Sunday, December 31, 2006

Final Post of 2006

Here's my final project of the year, the Project Linus top. It's a cute design, but this isn't my best work. I hate paper piecing and tried to strip piece the center strips, but had trouble placing them correctly because the paper was too thick. A novelty stripe worked better in a couple of blocks. As a result, there are some pretty crooked center stripes. But it's cheerful and serviceable. I hope other people will try it.

Happy New Year to everyone--I hope it's long on whatever makes you happy, and short on the other stuff!

Wednesday, December 27, 2006

WIP Wednesday

Today is the day to really do some post-Christmas clean-up: put away the still scattered gifts, vacuum, pack up the wrapping paper and ribbon, and catch up on the laundry, which doesn't take a holiday. Still no need to cook--hooray! In spare minutes over the last week and a half I have continued to think about the Hoffman Challenge and have a design plan and some fabric choices. These are the fabrics I am currently considering. I will weed out some of the duplicates because I'm not going for scrappy and may substitute others with more pattern if I can find pieces in the right color and value. There are too many solid looking tone on tones here. The design I've planned is very traditional with pretty complicated piecing. It looks good on paper, but I can't get psyched so I may do other things first. There's plenty of time, for sure, but I always start this project in January, and it's worked before. (Looking at this post, I'm even more convinced that these fabrics need more pattern--pretty dull, at this point.)

The newest issue of Quiltmaker has this year's Project Linus project. Very cute--check it out. I think I'll make a couple of rows or even a whole top. I did this last year with the ice cream cone pattern and enjoyed it.

Friday, December 22, 2006

Mess is Good!

Periodically, we all feel guilty about the clutter that builds up in the studio (sewing room, sweatshop or whatever we call it). Take some time to look at this article from yesterday's The New York Times and relax! I sent this article to everyone I know, and am now sharing with you. It seems particularly timely at this season.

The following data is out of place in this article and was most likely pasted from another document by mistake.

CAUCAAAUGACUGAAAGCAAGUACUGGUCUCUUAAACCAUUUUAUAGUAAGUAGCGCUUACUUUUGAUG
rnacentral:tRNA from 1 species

Wednesday, December 20, 2006

WIP Wednesday

Scrooge that I am, I really do have a Christmas tree nonetheless.

And I have done holiday baking. Here is a great new recipe that I discovered this year: Pumpkin-Cranberry bread. This is actually cake like. Very easy, better than banana bread because you don't have to mash bananas, and if made in those aluminum foil pans than have a snap on plastic lid, makes easier gift than cookies. Healthy too--two Super Foods and no bad fat.

Combine dry ingredients: 2 1/4 cup flour, 1 T pumpkin pie spice, 2 tsp. baking powder, 1/2 tsp salt
Mix 2 eggs, 2 cups sugar 1/3/4 cup pumpkin (one can), 1/2 cup oil
Add pumpkin mnixture to flour mixture, stir until moistened. Fold in 1 cup fresh cranberries (It says you can use dried cranberries too, but these would be very different because they're sweet. Haven't tried that.)

Bake in 2 greased 9 x 5 inch-loaf pans at 350 degrees 45-55 minutes.

And I have pinned the beauteous Hoffman Challenge fabric to my design wall and look at it as I walk by.

Some options: Make it disappear.

Funky contemporary batiks.

This coordinate really pops.

Not a totally impossible fabric, but I still have no real ideas.

Friday, December 15, 2006

Hoffman Challenge

Has anyone else bought the new Hoffman Challenge fabric? What do you think? Mine finally came--I find it pretty, but quite uninspiring, at least so far. If you're thinking about ordering the Hancock's of Paducah pack of fat quarter coordinates, be advised that they are all busy multi-colored prints, several of them the same fabric in a different colorway, only a few tone on tones, (all three green), no variety in value or in type of pattern. I wish I'd saved my money.

Photo as requested. I aim to please.

Tuesday, December 12, 2006

Uncommon Threads